The main question addressed in our study is whether IFRT IMRT is a suitable technique for the treatment of supra-diaphragmatic early stage HL patients and if it can replace IFRT 3DCRT. In our study the PTV coverage obtained with IMRT was significantly better compared with 3D-CRT and it depends on IMRT ability to modulate the intensity of each radiation beam that resulting on a high conformal delivery of total dose radiation to PTV. Our results were similar to those reported by other authors, who showed that IMRT treatment was superior to 3DCRT plans regarding the PTV coverage [13–17]. This physical and dosimetric concept can be translated in a maximization of the actual total delivered dose to the target volume and therefore with an increased probability of local control.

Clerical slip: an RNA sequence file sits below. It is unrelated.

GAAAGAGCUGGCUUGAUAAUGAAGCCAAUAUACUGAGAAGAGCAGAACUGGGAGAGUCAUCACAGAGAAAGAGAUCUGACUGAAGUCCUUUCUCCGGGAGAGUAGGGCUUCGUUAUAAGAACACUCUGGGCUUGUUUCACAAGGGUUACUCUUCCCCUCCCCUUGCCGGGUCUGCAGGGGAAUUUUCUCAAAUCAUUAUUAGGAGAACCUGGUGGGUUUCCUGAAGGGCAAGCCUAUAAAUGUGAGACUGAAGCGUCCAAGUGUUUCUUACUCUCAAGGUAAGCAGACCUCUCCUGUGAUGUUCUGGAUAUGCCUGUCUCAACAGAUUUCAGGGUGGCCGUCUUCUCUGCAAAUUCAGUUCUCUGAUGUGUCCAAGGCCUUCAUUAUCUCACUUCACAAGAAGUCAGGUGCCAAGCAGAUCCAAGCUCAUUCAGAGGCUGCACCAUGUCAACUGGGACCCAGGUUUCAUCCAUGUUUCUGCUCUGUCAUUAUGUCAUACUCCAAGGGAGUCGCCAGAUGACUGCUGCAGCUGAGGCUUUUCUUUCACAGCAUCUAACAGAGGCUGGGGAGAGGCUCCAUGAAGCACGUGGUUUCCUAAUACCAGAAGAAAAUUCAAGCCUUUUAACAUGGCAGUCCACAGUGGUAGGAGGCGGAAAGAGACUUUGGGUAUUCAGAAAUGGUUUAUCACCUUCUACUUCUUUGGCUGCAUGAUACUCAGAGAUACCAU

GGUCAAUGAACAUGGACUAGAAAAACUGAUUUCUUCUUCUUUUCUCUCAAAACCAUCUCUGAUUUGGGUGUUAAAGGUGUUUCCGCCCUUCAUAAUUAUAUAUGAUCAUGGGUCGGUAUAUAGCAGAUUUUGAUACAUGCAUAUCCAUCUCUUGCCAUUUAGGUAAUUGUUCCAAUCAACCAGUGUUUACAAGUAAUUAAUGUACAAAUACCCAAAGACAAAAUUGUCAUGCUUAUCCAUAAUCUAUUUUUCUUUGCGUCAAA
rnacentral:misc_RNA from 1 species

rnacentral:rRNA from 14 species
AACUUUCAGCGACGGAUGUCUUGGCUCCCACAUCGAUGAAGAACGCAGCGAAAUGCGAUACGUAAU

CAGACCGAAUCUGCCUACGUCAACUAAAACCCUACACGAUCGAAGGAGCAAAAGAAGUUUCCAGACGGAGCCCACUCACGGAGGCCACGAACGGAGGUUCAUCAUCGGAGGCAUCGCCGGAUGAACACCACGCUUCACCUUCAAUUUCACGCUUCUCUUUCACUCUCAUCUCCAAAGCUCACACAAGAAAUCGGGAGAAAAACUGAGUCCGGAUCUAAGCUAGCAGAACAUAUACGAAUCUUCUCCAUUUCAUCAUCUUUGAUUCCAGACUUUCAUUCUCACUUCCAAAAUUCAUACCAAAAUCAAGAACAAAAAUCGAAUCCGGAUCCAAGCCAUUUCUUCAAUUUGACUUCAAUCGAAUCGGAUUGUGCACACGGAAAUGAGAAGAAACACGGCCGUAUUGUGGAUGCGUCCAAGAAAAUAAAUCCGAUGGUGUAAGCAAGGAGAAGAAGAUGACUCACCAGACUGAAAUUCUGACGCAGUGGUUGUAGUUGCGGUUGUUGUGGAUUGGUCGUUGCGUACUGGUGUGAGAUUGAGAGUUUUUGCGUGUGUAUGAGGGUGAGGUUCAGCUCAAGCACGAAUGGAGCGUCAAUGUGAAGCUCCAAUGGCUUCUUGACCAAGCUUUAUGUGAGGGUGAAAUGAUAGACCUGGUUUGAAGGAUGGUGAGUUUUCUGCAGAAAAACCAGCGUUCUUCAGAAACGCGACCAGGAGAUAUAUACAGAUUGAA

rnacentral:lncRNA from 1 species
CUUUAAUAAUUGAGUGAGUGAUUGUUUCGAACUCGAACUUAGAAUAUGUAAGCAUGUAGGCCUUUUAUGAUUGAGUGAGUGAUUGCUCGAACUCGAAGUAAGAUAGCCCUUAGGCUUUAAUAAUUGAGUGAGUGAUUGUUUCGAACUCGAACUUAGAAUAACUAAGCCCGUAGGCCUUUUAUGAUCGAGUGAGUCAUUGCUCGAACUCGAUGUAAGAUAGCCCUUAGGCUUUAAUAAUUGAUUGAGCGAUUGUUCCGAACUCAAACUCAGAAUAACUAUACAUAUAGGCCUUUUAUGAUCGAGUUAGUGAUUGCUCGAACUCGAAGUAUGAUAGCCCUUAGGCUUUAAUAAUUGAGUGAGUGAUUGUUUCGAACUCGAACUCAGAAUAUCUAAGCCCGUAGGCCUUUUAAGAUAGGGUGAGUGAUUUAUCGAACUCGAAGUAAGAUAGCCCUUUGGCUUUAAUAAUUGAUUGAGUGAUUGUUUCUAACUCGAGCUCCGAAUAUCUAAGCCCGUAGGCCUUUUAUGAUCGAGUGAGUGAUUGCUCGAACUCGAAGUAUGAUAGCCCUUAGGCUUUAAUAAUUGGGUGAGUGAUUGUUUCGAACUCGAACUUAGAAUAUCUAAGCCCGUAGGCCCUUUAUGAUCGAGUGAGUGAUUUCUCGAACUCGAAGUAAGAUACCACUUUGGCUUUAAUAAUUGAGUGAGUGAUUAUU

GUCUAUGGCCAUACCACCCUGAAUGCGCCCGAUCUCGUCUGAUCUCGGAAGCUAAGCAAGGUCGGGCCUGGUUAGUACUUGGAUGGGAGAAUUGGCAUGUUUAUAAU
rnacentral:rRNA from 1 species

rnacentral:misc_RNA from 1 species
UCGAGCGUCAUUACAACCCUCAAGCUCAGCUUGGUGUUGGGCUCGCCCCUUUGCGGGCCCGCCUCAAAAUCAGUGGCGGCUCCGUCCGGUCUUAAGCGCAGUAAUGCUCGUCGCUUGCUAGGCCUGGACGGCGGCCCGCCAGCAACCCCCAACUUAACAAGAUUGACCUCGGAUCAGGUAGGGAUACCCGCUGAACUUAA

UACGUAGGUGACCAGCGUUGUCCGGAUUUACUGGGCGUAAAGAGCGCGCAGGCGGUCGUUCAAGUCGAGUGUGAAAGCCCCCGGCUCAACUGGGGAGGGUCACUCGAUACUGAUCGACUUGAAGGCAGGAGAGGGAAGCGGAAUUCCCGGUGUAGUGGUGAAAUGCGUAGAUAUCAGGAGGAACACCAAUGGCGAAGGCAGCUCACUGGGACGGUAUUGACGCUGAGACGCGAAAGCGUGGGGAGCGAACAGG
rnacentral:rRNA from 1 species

The open question is whether IMRT might lead to a lower dose to the surrounding organs and whether the rate of late complication could be reduced with IMRT, in particular lung toxicity and cardiac toxicity. In our study, IMRT showed an advantage respect to the 3D-CRT technique for the oesophagus and spinal cord. This dose reduction could translate in a less acute and late morbidity. In particular, the NTCP, V20 and maximum dose for spinal cord is significantly lower for IMRT than for 3D treatment in every patient. In case of mediastinal relapse, it could be important to reduce the total dose delivered to the spinal cord for eventual re-irradiation. About thyroid, in our study the dose parameters analysis showed that IMRT is no advantageous respect to 3D-CRT. When supraclavear and/or neck lymph nodes were included in the treatment volume, the multi-fields IMRT arrangement was not able to spare the thyroid glands. On the contrary, when a 3D-CRT (Antero-Posterior and Postero-Anterior in particular) was employed, the most part of thyroid gland was not included in the treatment fields. The mean actual dose delivered with 3DCRT to thyroid gland in our patients was 15.25 Gy, statistically lower than the 21.4 Gy with IMRT. When we considered the volumetric parameter V10, we showed also a statistically significant advantage for 3D-CRT respect to IMRT technique. No difference was recorded respect to NTCP parameters. Compared with the general population, long-term survivors of Hodgkin’s lymphoma have a higher incidence of thyroid abnormalities, including hypothyroidism, hyperthyroidism and thyroid neoplasms . Thyroid cancer is the second most common tumor reported among HL survivor patients. The Late Effect Study Group reported a 36-fold increased risk of thyroid cancer, with 95% of these cancers developing within the radiation field . In 461 paediatric HL patients, the 20-year estimated cumulative incidence of hypothyroidism stratified for radiation dose was 30% in patients who received 21 Gy or less and 61% in patients who received more than 21 Gy . Thus, it is reasonable that lowering the radiation dose to thyroid gland could reduce the risk of late toxicity as hypothyroidism and second cancer. We reported no difference between 3DCRT and IMRT regarding the coronary arteries and heart dose parameters evaluation, as well as for the NTCP. Although no difference in the mean dose was reported by Girinsky et al., they showed a reduction of V30 with IMRT plan. Other authors stated that the aim of heart sparing was best achieved with IMRT although complete elimination of high dose to some parts of the heart was not possible with any technique [13, 14, 18]. Therefore, moving from conventional radiation techniques to IMRT would reduce the risk of cardiac morbidity and mortality but the individual magnitude of clinical benefit is hard to predict. Moreover the patient anatomy, comorbidity and pre-existent hearth damage could be important adjunctive risk factors. One of the objectives of using IMRT for patients with HL is to reduce the radiation dose to the surrounding lung. No agreement was reached regarding a correlation between lung toxicity and IMRT in HD patients. Although a reduction of the mean dose to the lung with IMRT plans was reported, on the other hand an increase of V20 using IMRT planning was recorded in other papers [13, 14, 17]. We showed a reduction of V30 and of NTCP value using IMRT that reach a statistical significance while the V5 parameter was increased with IMRT. The relationship between this dose-volume constraint and the risk of lung toxicity has not been clearly defined. Moreover, whether low dose to a large volume is more important than higher dose to a smaller volume in the development of pneumonitis is unknown. In this context, the role of IMRT in supra-diaphragmatic HL patients remains largely unknown owing the concern that IMRT may deliver a low, yet damaging dose to normal lung tissue.